Henry Hill, CapX.

Samizdata quote of the day

“Governments over the years have ruined many successful domestic industries. Interference in football could well have the same doleful effect. We have enough problems for the government to sort out before it interferes in yet another area of economic and social life.”

– Professor Len Shackleton, IEA Editorial and Research Fellow, and author of the report Red Card. The quotation came from a press release I received today from the IEA.

This brings a whole new meaning to “brigading” on social media

What is the 77th Brigade for? According to its own website, the mission of this unit of the British Army is to CHALLENGE THE DIFFICULTIES OF MODERN WARFARE. Despite the capital letters I do not feel hugely better informed. It continues,

We are a combined Regular and Army Reserve unit. Our aim is to challenge the difficulties of modern warfare using non-lethal engagement and legitimate non-military levers as a means to adapt behaviours of the opposing forces and adversaries.

Um, okay. I would not want the difficulties of modern warfare to go unchallenged. I would even be up for them challenging the easy bits of modern warfare while they’re at it. However, before I give my wholehearted support to “adapting behaviours of the opposing forces” I would like to know what adapting-without-a-to means in normal English. Is it us changing them or them changing us? The question is pertinent because according to a whistleblower who contacted the civil liberties organisation Big Brother Watch, the last part of the line about the target of the British Army’s behavioural adaptation squad being “opposing forces and adversaries” seems to have been quietly dropped.

This link allows you to download a Big Brother Watch report called Ministry of Truth: the secretive government units spying on your speech.

The key findings are:

  • Labour leader Sir Keir Starmer, Conservative MPs David Davis and Chris Green, high profile academics from the University of Oxford and University College London, and journalists including Peter Hitchens and Julia Hartley-Brewer, all had comments critical of the government analysed by anti-misinformation units.
  • Targeted speech included public criticism of the government’s pandemic response – particularly lockdown modelling and vaccine passports – as well as journalists’ criticism of the withdrawal from Afghanistan and MPs’ criticism of NATO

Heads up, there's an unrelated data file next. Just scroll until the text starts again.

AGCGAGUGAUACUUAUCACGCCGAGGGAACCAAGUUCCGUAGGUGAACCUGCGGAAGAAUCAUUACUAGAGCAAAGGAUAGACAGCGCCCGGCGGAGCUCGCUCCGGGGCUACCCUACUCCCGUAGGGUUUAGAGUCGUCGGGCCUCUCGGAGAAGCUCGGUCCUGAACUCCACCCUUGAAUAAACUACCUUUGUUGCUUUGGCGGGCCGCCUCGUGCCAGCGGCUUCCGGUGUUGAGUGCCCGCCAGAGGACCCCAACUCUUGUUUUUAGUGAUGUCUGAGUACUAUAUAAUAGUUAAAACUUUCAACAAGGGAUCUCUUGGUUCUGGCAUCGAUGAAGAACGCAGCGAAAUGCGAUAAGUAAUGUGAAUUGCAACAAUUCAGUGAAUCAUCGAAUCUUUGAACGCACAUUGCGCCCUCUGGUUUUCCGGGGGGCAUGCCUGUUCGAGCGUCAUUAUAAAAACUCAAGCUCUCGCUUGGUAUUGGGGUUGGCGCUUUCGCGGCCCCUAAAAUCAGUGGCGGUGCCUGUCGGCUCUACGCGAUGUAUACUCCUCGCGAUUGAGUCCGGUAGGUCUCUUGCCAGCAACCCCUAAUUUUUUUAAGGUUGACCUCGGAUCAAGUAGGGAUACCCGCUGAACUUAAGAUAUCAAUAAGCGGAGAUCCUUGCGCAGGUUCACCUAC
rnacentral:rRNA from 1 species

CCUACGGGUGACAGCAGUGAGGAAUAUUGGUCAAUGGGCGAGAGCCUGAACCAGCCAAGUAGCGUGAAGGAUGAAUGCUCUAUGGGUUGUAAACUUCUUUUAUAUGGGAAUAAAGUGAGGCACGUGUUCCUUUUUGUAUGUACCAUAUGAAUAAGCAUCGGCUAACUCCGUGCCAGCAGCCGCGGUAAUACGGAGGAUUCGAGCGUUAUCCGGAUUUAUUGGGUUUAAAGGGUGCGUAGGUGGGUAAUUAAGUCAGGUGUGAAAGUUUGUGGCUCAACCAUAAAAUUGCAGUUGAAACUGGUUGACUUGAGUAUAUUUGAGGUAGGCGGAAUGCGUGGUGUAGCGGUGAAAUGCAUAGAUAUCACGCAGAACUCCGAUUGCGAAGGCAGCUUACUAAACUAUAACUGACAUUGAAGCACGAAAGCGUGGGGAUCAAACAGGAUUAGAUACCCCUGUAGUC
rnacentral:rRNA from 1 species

• Soldiers from the Army’s 77th Brigade, tasked with “non-lethal psychological warfare”, collected tweets from British citizens posting about Covid-19 and passed them to central government – despite claiming operations were directed strictly overseas
  • A counter-misinformation unit pressured the Dept. of Health to attack newspapers for publishing articles analysing Covid-19 modelling that it feared would undermine compliance with pandemic restrictions.
  • MPs and journalists were featured in “vaccine hesitancy reports” for opposing vaccine passports
  • Contractors paid over £1m to trawl social media for perceived terms of service violations on selected topics and pass them to government officials
  • Counter-disinformation units use special relationships with social media companies to recommend content be removed
  • Front organisations aimed at minority communities were set up to spread government propaganda in the UK
  • BBW have provided a jolly little template that allows you exercise your legal right to find out if you personally were having your social media posts monitored. However that does seem to involve giving the government the real name behind your twitter handle, which in the circumstances…

    Samizdata quote of the day – Let’s not re-write the recent past

    Becoming vaccinated was the easy choice, not the hard one. There was never any evidence it was the sensible choice and it could be argued – and this may seem harsh – that if you were determined to be part of the group, wilfully and determinedly deaf to any counter-argument or even call for caution, absolutist in your own belief in you virtue and knowledge, irrationally frightened of death, unthinking, superficial and glib, fearful of other people’s opinion of you, filled with desire/fear to comply with the powerful for safety or favour, then becoming vaccinated was the only choice. But these are not exactly admirable qualities.

    Common Knowledge Edinburgh

    I suspect this article will annoy some people as it is a divisive issue. I do not agree with every point of the article either (I am not anti-vaccines per se, I just don’t think this particular one made any sense), but it does raise points worth pondering.

    So, when does the Brexit dividend arrive then?

    This is a slightly altered version of a comment I left on a Brexit page on Facebook as prompted by this article about IMF forecasts and related issues at Reuters:

    The most ardent Brexit supporters have to take this sort of analysis on board because it is relentless in much of the media, and not without reason. Some of those who backed exit from the EU for freedom reasons wanted the liberalising impact of less red tape, a reduction in the burden of the State, and a more intelligent government approach to areas where the State inevitably gets involved, including R&D spending, infrastructure, education, etc. Nearly all of the drivers of long-term wealth creation are home-grown, and cannot be blamed on the EU, or attributed to it. Long before we even thought of a referendum, the UK’s productivity and investment levels were poor, from 2009 to 2019, by past and contemporary standards. (The referendum was held in 2016 and we only actually left four years later.)